Rebalancing and Tax-loss Harvesting in Schwab Intelligent Portfolios

Key Points

  • A disciplined process of rebalancing as asset class weightings move beyond pre-set thresholds helps keep the level of risk in your portfolio consistent with your current risk profile.
  • Schwab Intelligent Portfolios® applies a sophisticated algorithm for rebalancing that may also provide current federal income tax benefits through tax-loss harvesting.1
  • The algorithm considers both rebalancing and tax-loss harvesting as part of a unified process to coordinate the impact of trades.

Background

Over time, taxes can eat into a significant amount of one's investment gains in a taxable account. Schwab Intelligent Portfolios is designed with the goal of improving the after-tax, risk-adjusted rate of return for the account holder who chooses to enroll in tax-loss harvesting by deferring current tax liabilities, leaving money that can be reinvested and potentially grow over time. To do that, it uses an algorithm that simultaneously incorporates tax-loss harvesting and rebalancing strategies designed to keep the level of risk in the portfolio commensurate with the goals, risk tolerance and risk capacity of the target asset allocation.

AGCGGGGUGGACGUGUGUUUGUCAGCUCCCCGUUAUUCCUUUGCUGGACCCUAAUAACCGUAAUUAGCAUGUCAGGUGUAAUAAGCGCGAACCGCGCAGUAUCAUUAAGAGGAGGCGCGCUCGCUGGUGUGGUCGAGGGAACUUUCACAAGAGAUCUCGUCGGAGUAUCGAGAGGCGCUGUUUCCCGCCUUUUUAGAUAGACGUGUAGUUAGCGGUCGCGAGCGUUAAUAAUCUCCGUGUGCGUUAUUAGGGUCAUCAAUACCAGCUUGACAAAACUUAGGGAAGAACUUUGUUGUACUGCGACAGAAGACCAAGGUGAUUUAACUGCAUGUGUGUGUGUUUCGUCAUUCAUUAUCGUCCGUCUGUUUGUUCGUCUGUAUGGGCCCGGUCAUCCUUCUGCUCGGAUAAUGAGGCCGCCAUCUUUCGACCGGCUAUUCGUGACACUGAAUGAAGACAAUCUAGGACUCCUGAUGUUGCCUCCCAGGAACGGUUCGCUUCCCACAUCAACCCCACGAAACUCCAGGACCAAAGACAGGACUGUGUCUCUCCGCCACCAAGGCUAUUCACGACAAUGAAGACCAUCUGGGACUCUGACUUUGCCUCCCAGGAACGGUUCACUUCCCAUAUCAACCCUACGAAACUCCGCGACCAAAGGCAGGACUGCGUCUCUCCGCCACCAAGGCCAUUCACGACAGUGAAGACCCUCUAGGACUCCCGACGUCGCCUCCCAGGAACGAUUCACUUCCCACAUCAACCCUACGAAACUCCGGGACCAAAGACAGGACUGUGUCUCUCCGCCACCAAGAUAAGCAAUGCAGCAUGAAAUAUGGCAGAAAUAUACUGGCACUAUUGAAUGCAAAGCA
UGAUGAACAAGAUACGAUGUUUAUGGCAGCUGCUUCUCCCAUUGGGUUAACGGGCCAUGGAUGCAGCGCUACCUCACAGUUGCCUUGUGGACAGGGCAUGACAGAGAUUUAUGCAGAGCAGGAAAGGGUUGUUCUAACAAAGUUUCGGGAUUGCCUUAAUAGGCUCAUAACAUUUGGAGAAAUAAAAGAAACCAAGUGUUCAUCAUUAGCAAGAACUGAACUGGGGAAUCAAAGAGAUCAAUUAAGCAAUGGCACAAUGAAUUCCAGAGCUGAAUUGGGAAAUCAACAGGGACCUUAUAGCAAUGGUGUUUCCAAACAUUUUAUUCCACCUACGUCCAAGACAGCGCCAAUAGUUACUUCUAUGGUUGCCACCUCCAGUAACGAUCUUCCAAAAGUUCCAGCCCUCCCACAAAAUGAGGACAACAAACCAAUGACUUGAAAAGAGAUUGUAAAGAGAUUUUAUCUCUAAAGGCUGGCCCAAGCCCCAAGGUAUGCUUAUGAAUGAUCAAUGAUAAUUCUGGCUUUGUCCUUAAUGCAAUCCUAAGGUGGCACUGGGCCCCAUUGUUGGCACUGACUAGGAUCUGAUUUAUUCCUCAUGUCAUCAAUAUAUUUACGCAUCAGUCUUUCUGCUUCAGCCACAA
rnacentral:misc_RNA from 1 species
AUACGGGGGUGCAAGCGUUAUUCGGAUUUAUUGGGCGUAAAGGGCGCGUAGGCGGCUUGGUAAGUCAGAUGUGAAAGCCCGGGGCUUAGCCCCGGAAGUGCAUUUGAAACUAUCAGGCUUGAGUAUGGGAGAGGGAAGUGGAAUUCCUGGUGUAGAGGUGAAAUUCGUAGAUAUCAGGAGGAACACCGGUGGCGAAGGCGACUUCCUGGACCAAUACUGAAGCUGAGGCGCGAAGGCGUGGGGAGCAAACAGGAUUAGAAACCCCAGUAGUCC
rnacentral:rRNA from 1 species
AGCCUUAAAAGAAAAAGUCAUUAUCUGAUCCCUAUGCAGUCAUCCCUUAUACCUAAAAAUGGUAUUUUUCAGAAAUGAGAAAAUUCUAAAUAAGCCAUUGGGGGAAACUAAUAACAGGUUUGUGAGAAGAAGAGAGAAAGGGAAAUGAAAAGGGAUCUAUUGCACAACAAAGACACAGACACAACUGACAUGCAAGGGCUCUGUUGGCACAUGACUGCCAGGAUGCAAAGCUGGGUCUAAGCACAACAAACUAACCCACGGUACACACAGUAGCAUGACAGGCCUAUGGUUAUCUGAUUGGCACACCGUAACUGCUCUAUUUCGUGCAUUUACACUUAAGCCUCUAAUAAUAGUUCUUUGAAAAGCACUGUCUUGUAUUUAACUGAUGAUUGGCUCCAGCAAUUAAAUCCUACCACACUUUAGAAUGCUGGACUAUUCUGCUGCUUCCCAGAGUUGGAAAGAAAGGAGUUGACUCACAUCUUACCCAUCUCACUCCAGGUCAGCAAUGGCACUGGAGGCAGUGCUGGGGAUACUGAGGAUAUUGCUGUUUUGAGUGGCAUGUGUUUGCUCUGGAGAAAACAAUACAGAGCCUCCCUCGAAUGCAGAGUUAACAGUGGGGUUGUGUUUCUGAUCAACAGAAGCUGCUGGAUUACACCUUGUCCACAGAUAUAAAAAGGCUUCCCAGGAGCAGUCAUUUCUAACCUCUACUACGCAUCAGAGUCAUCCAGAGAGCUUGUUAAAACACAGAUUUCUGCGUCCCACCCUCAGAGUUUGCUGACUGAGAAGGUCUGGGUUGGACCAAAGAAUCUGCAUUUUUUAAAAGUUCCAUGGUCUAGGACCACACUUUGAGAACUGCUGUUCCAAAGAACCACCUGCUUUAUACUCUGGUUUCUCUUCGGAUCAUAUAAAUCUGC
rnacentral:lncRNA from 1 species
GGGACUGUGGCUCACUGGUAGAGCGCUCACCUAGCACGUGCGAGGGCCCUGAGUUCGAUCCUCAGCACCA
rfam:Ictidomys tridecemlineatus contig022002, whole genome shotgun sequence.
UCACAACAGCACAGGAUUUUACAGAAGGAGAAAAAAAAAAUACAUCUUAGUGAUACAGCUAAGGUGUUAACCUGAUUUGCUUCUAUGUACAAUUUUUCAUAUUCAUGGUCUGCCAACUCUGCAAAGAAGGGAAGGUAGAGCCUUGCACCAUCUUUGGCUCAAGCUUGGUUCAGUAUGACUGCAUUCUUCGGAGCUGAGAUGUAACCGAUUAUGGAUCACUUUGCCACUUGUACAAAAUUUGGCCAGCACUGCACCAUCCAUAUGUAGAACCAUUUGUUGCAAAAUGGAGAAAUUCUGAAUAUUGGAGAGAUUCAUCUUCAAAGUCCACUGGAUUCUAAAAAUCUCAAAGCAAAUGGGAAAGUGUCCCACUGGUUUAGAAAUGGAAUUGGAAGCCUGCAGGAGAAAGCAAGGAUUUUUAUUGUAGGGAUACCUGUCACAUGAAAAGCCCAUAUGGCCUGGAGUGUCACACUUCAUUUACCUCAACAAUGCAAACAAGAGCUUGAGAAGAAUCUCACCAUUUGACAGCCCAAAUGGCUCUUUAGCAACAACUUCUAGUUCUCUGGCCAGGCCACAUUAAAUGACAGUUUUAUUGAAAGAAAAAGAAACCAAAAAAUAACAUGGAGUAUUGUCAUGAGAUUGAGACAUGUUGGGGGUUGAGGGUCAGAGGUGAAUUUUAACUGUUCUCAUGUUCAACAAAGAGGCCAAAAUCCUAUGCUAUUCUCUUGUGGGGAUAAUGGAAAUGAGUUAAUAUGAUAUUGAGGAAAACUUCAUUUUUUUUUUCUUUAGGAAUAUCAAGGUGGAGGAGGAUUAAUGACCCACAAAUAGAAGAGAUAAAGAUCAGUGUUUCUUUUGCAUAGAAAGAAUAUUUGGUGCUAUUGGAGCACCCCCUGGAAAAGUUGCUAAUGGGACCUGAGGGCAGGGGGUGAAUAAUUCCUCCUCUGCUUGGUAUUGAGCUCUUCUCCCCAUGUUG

This white paper explains tax-loss harvesting and rebalancing and how they work in combination.

The benefits of tax-loss harvesting

Under current U.S. tax law, losses incurred in the sale of securities and other assets provide potential tax benefits for investors. A systematic and automatic process for tax-loss harvesting provides an investor with a convenient way that may improve total net-of-taxes returns over time.

How tax-loss harvesting works

Gains and losses from investment (i.e., capital assets resulting in capital gains or losses) are subject to specific tax rules under the Internal Revenue Code of 1986, as amended (the "IRC").2

The taxation of capital gains depends on whether such gains are "long-term," meaning gains or losses from investments held for more than one year (i.e., 12 months and one day, or longer), or "short-term," meaning gains and losses from investments held for one year or less.3 The difference in tax treatment is significant because long-term capital gains generally receive preferential statutory tax treatment, while short-term gains are generally taxed at the higher ordinary income tax rate. For more information about current tax brackets, see the IRS website: www.irs.com.

Under current law, the tax savings between long-term and short-term capital gains tax treatment could be approximately 20 percentage points, in some cases. An additional 3.8% surtax applies to net investment income for taxpayers with adjusted gross income (AGI) over $200,000 (for single filers) or $250,000 (for married persons filing jointly).4